Adam Mitchell Adam Mitchell - 2 months ago 13
Python Question

Tkinter .withdraw() strange behaviour

Using the following code, the Tkinter root window will be hidden:

def main():
root = Tkinter.Tk()
root.iconify()
a = open(tkFileDialog.askopenfilename(), 'r')

main()


However, using this variation, the root window will not be hidden:

class Comparison:
def __init__(self, file=open(tkFileDialog.askopenfilename(),'r')):
self.file = file
self.length = sum(1 for _ in self.file)

def main():
root = Tkinter.Tk()
root.iconify()
a = Comparison()

main()


Why does calling
tkFileDialog.askopenfilename
with the constructor cause this behaviour? I have tried both
root.withdraw()
and
root.iconify()
and experienced the same behaviour.

It may be worth noting that I am on OSX 10.11.6.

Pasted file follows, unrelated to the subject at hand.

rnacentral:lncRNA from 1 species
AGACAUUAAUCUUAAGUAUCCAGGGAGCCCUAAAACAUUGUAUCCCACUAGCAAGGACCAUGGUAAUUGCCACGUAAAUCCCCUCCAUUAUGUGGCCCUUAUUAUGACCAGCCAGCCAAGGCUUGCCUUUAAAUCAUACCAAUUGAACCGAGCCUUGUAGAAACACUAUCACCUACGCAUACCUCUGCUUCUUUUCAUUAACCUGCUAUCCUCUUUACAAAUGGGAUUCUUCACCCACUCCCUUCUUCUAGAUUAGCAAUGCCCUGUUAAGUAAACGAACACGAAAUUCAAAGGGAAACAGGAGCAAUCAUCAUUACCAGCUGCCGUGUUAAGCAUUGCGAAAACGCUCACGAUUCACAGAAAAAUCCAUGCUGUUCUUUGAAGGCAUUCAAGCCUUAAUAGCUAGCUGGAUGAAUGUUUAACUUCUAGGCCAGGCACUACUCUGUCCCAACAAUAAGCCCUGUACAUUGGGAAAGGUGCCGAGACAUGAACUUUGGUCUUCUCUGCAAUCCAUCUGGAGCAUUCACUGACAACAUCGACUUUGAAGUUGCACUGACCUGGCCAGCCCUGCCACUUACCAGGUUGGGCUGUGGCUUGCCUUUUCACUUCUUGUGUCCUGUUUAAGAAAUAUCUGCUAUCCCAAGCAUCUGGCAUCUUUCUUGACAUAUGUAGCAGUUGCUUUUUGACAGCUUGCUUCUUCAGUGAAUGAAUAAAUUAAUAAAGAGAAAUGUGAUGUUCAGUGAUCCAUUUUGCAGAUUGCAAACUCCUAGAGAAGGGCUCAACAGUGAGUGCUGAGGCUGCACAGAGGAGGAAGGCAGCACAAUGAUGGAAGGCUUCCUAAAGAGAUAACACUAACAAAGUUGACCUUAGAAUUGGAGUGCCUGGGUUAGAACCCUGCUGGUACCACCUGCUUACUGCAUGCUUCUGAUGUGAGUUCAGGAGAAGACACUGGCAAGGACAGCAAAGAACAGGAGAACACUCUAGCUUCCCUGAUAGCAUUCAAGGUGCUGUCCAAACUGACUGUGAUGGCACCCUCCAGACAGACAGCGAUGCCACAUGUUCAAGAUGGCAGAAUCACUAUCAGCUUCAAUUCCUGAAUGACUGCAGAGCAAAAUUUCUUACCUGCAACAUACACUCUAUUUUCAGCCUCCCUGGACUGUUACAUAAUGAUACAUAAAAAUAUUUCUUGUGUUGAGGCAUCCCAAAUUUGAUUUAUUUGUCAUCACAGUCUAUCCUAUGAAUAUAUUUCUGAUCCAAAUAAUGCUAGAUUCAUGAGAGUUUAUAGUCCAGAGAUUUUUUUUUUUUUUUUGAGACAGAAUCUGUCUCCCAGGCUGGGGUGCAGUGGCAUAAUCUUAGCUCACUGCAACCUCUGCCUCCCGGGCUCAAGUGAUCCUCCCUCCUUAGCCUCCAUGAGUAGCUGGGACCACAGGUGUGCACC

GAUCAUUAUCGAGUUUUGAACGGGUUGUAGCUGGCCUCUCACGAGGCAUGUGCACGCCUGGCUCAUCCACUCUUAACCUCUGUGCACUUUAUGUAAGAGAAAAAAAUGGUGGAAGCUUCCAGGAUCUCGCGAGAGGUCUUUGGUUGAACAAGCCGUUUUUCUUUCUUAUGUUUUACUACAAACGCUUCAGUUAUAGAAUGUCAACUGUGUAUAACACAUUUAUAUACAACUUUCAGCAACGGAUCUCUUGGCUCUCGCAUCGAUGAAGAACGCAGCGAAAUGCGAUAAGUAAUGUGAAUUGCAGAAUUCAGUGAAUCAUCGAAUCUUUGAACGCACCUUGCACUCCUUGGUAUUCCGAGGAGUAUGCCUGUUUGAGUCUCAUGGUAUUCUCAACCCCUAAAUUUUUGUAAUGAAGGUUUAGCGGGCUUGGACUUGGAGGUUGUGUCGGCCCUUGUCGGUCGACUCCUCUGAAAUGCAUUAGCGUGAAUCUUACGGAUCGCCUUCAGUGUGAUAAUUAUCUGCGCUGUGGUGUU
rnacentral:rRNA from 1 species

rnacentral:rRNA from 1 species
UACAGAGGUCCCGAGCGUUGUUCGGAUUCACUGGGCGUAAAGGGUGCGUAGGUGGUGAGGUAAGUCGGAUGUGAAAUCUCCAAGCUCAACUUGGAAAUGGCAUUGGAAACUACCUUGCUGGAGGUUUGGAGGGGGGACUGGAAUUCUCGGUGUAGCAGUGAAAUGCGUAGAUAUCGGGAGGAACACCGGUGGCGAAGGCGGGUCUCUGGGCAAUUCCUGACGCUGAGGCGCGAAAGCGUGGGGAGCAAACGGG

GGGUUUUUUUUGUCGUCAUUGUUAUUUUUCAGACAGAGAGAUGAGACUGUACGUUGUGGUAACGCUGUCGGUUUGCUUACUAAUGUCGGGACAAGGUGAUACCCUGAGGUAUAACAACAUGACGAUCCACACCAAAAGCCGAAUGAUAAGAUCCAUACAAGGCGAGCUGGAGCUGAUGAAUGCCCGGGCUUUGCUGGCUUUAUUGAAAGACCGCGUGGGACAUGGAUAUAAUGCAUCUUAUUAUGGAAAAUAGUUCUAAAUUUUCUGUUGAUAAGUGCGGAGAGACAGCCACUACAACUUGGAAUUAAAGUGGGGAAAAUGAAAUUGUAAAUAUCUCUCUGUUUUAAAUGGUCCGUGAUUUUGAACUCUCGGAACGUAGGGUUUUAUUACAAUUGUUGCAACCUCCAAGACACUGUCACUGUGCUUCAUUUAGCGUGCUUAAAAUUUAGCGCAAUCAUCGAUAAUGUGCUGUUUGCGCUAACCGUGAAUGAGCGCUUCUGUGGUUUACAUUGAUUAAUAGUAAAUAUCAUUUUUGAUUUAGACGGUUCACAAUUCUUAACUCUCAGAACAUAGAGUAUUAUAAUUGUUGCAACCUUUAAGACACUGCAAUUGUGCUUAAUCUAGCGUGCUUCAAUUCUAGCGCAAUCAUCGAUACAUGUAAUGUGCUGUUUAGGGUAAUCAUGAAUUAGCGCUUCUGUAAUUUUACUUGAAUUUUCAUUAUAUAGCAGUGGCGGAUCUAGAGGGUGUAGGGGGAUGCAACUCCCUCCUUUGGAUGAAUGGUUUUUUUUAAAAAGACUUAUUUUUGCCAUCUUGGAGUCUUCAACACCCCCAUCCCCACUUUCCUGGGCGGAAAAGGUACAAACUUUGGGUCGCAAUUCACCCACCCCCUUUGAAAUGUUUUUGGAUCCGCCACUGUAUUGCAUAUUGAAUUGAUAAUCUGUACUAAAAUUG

Thanks!

Answer

When you do this:

def __init__(self, file=open(tkFileDialog.askopenfilename(),'r')):

That immediately runs open(tkFileDialog.askopenfilename(),'r'), because default arguments are evaluated when the function is defined. Therefore, when you run the second code block, the interpreter creates a necessary Tkinter root window and opens that file chooser while it's still defining that class. After that, you define a function main. Finally, you call main(), which creates a root object, withdraws it, and instantiates an object of the Comparison class. The root window you explicitly created with root = Tkinter.Tk() is hidden. The older one, that Python was forced to create in order for the file dialog to exist, however, was not.

To fix this, put the default behavior into the method body rather than its signature:

class Comparison:
    def __init__(self, file=None):
        if file is None:
            self.file = open(tkFileDialog.askopenfilename(),'r')
        else:
            self.file = file
        self.length = sum(1 for _ in self.file)